I'm heading to Charleston soon, Charleston, South Carolina, for a quick visit with my cousin and her husband as they tour the city. Since our son went to school there, graduated from The Citadel in 1998, we know the places of interest enough to be guides. Well, at least we know the can't-miss restaurants that serve shrimp and grits and other low country cuisine with fried fish and hushpuppies. Yum. They are in for a culinary treat.
But I wonder how different Charleston is today from the almost twenty years ago when we first dropped our son off at his barracks for his "knob" week. Or how different Charleston is today from a month ago, before the horrific shootings. More than that, how different Charleston is today from yesterday morning.
Yesterday the Confederate flag flew on the grounds of the South Carolina state capitol.
Today it doesn't.
The flag is a symbol I am just now realizing. I have no ancestral connection to it, being born in Pennsylvania to northern parents whose ancestors, I'm sure, fought against that very flag. We moved south when I was five years old and my mother tried her best to fit our family into the culture.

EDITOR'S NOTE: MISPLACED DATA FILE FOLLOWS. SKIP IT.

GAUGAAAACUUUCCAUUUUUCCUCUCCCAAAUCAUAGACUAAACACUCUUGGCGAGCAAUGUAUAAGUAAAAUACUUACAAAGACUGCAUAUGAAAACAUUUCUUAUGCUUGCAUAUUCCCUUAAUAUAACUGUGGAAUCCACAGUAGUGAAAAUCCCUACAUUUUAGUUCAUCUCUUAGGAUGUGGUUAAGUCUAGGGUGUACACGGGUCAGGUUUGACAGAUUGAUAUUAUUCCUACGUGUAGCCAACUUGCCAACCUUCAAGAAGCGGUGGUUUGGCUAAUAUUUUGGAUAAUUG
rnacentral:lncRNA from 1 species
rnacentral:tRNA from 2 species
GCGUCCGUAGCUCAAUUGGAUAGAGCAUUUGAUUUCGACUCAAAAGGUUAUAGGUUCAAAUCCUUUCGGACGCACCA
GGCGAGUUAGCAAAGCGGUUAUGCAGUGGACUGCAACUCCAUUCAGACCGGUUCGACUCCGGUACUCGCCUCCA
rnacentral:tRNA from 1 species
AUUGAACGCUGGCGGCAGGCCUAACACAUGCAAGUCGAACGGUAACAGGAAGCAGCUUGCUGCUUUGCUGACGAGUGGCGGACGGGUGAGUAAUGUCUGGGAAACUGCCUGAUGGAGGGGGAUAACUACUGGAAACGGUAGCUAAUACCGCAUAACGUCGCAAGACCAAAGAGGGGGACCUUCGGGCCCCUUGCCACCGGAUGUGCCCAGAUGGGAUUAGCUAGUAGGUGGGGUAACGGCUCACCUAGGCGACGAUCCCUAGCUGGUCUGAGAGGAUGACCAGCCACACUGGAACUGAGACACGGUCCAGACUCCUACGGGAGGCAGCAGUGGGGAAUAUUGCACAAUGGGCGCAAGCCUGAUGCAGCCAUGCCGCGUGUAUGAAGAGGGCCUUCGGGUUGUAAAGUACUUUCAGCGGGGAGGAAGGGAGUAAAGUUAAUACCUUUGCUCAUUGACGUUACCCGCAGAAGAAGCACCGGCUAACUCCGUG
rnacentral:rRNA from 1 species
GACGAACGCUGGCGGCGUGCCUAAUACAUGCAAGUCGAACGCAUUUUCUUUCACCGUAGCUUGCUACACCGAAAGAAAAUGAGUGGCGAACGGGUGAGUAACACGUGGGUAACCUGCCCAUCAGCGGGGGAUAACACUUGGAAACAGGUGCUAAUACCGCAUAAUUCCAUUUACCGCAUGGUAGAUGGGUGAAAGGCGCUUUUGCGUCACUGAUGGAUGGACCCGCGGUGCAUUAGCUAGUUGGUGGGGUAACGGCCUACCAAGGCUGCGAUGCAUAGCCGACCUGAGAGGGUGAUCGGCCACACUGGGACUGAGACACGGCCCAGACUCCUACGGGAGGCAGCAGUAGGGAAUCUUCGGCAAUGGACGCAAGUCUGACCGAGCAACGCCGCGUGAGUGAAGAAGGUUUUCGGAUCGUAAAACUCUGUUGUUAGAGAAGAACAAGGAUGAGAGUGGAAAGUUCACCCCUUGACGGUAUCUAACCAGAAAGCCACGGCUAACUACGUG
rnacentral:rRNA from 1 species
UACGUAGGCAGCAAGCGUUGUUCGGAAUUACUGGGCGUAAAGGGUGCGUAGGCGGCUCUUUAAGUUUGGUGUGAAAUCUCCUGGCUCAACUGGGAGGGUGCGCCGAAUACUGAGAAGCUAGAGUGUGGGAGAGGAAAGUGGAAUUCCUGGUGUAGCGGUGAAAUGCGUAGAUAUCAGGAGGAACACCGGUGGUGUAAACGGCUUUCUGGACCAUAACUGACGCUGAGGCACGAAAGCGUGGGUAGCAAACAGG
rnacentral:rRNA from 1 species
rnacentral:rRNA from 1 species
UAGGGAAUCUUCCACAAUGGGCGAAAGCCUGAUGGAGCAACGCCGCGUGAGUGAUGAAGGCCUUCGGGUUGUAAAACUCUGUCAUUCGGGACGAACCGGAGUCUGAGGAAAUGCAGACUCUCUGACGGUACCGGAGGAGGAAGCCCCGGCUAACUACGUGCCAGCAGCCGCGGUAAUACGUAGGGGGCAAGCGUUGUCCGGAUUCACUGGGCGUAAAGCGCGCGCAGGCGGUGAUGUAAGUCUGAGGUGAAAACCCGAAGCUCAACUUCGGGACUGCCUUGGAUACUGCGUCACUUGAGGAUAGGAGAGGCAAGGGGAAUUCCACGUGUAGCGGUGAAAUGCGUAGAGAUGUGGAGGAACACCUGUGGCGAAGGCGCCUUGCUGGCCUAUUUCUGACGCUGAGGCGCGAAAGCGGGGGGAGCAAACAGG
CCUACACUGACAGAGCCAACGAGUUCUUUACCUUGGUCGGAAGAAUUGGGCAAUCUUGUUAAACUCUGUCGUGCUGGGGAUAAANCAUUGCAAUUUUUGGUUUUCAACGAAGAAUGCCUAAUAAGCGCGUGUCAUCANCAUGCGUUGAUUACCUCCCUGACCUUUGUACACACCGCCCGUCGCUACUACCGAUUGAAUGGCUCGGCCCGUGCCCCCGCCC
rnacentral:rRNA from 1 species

But, contrary to what many may think, that never included the Confederate flag. Never. I saw it rarely, if at all, during my early years. It's just not part of my past. These were the years before color TV and cable news channels and social media. We were busy growing up southern and learning to duck under desks in air raid drills and protesting the Viet Nam War and riding in buses that passed by black children standing on the side of the road, waiting for their buses to carry them to their separate schools.
The graveyard at the church I attend is the final resting place for soldiers from the Revolutionary War, the Civil War, on up through Viet Nam. On Veteran's Day every year the cemetery committee places flags on every veteran's grave. American flags. Every veteran.
As I researched the Pilot Mountain School story, I ran across a newspaper article from the early fifties. The Daughters of the Confederacy had donated a Confederate flag to every school in the county. So in my interviews, I asked, "Do you remember seeing the Confederate flag at the school?" To a person, the answer was "No."
In fifty years, when an author interviews people who were the children of today and asks that same question, to a person, the answer will be "No."
My heritage and faith is to look to scripture for guidance and in the first letter of Corinthians, chapter 8, verse 13, Paul writes, "So if what I eat causes another believer to sin, I will never eat meat again as long as I live, for I don't want to cause another believer to stumble." That verse on not offending others could be paraphrased to fit this situation as well, "So if what I fly causes another believer to sin, I will never fly this again as long as I live."
Catch of the day,